Currently, I am learning about repositories like GitHub, coding languages like Python and R, and also data taxonomies and tidy data. They’re all tools to help organize over 32,000 data sets that NASA has opened up, and I am excited to see what people around the world will do with that data. It’s only a subset in learning how to navigate the dataverse, not to mention that sometimes data will “lie” to you, as fellow Datanauts and guru Karen Lopez reminds us, but to really look at where the sources come from. Keywords, or in social media what we would call “hashtags,” are integral in sourcing the data. Now, let’s add Blockchain into the mix and AI—it becomes almost three-dimensional and that is just super cool to me.

Where do you stand on the Elon Musk vs. Mark Zuckerberg divide on the potential benefits and dangers of AI?

The conversations and debate on artificial intelligence are just beginning. We are on the surface of a deep exploration of the cause and effect of AI in technology, and it is a natural progression for there to be contrary or opposing views and debate. It only shows responsibility as leaders in technology.

Personally, I don’t have a position on AI yet, because I am still learning, researching, and acquiring information, but media tends to amplify or exaggerate hot topics to bring it into the news cycle. I have to commend both Elon Musk and Mark Zuckerberg for participating in the debate and adding to the engagement of others. AI will also be democratized like the Internet.

I do recommend watching this video of Dr. Anastassia Lauterbach in her interview about being a board director and her viewpoints on AI in her upcoming book that will be out later this Fall.

Why was it important to you to go to Juilliard to study piano as an adult student? How has it impacted you professionally as well?

Music has been in my life since a very young age. It’s something that I’ve carried with me coming to the United States as an immigrant and learning how to adapt to my new homeland and expression. I was classically and competitively-trained. I stopped playing when I was 17 years old, and I found that even after I stopped to pursue more scientific and academic pursuits, I missed it. I would listen to music all the time, especially studying for exams. I work best with classical music, and I have had some of the most productive moments and best ideas sitting in on a New York Philharmonic rehearsal.

Studying at Juilliard came to me in the most fascinating of stories. It pretty much involved Daniel Barenboim, The Metropolitan Opera House, High Society patron Mercedes Bass, and The New York Times. It’s a story that’s told much better in person, and I am looking for a venue to give it. At the end, there were placement auditions, I auditioned and got accepted in the intermediate-advanced piano masterclass where we studied Beethoven and Chopin with professor Lisa Kovalik, and it was the most creative, artistic, and rewarding thing I could have done of myself as a young mom. Again, music was there when I needed it.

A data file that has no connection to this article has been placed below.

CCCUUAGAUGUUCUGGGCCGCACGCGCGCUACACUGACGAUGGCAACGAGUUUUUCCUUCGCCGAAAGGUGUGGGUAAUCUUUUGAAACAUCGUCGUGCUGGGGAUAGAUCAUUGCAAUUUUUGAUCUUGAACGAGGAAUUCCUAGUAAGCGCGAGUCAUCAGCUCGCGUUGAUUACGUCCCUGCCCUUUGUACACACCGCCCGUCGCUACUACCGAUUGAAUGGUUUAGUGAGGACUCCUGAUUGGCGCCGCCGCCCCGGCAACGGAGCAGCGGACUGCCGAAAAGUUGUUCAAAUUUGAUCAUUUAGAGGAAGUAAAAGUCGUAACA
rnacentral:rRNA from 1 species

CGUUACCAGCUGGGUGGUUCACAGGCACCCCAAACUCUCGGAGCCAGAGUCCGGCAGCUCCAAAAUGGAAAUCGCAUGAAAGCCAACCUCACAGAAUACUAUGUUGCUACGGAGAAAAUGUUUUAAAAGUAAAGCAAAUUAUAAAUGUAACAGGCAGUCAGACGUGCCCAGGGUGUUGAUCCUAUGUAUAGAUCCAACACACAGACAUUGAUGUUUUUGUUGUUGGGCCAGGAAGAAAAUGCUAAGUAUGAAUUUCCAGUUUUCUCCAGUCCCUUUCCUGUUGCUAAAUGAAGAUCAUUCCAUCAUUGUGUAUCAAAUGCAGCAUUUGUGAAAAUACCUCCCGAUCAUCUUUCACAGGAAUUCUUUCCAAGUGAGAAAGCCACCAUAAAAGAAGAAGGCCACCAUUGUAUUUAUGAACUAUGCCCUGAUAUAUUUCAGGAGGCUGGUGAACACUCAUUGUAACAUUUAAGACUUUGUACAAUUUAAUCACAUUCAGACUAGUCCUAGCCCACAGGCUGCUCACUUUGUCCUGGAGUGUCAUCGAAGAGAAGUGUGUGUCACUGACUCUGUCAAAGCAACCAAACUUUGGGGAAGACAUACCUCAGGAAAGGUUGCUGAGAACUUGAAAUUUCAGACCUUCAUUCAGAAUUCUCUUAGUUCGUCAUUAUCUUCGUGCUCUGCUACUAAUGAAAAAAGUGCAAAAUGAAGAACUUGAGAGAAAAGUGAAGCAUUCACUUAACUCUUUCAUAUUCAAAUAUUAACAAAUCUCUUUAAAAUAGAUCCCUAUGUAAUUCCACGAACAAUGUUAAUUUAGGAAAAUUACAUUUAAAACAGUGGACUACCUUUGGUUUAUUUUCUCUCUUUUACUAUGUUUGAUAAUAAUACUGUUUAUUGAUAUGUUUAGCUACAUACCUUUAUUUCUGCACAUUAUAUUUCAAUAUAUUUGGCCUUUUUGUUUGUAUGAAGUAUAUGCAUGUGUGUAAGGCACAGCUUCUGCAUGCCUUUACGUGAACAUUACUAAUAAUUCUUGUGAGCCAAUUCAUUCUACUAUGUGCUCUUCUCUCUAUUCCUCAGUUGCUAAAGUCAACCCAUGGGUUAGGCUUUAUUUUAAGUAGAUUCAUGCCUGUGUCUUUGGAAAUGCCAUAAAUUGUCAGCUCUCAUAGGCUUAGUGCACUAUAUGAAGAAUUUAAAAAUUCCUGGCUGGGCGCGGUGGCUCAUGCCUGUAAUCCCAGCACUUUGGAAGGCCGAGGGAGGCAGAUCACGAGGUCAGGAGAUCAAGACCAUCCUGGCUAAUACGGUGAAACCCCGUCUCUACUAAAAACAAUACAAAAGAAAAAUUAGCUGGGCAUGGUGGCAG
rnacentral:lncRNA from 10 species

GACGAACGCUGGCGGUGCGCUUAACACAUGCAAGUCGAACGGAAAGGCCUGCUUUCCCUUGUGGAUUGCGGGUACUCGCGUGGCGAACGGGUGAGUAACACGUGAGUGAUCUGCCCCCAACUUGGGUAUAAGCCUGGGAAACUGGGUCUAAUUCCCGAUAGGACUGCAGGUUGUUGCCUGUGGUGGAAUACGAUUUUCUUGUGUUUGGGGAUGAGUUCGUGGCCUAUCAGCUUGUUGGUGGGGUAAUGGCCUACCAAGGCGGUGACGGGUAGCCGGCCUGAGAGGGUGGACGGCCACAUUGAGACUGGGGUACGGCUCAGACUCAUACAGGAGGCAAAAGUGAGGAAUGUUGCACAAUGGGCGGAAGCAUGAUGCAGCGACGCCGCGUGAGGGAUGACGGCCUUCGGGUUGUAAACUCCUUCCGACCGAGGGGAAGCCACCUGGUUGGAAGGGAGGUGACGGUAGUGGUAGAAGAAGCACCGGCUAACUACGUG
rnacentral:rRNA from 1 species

Juilliard itself has not impacted me professionally in a direct way, but my involvement with music and the performing arts has. The study of music gave me a foundation, fundamental knowledge, and language to describe the importance of the arts to society. It’s simply from my own love of all types of music that has led me to opportunities to serve on steering committees or boards on both coasts and overseas, or the years of training helped to really understand it at the highest levels. That time of service and engagement has opened doors professionally and, more importantly, the ability to leave a legacy in the work and conversations over the years. My daughter’s generation and beyond will benefit from it.

Who are your favorite pianists and piano composers?

My favorite pianists are Vladimir Horowitz, Yefim Bronfman who is incredibly kind and lovely. (I envy his big fingers!), Manny Ax whose equally generous and kind, and Alfred Brendel. But of all, I would wish to see Martha Argerich play Schumann one day.

My favorite piano composers are Mozart, who is like visiting with a childhood friend of mine when I hear his music, the “3 B’”s: Beethoven and his depth, Bach and his structure, and Brahms in his romantic period expressions, Chopin, and Schubert. Rachmaninoff is a beast, but my hands are too small to ever perform his music. And who doesn’t love Tchaikovsky? So many choices, but I also love jazz and pop music too. It’s universal, and it’s in my nature to be curious.

Tell us about the technology entrepreneurs whom you admire most.

Honestly, there are few tech entrepreneurs whom I truly admire. I respect them and their abilities to create and grow a company, but I admire more the scientists who created the foundations in which we can operate our tech. The Internet pioneers, some of whom I know and are friends or colleagues. So I guess Bill and Melinda Gates fall under that category and they’ve moved beyond tech to really make a difference with humanity. They also have true character. Entrepreneurs are people like everyone else. They are not gods. And if the U.S. Air Force decides to take down global GPS, then our smartphones would stop functioning as it is. Let’s just say, I’m grateful that we live in another age of creation and innovation across several sectors, energy, technology and humanity.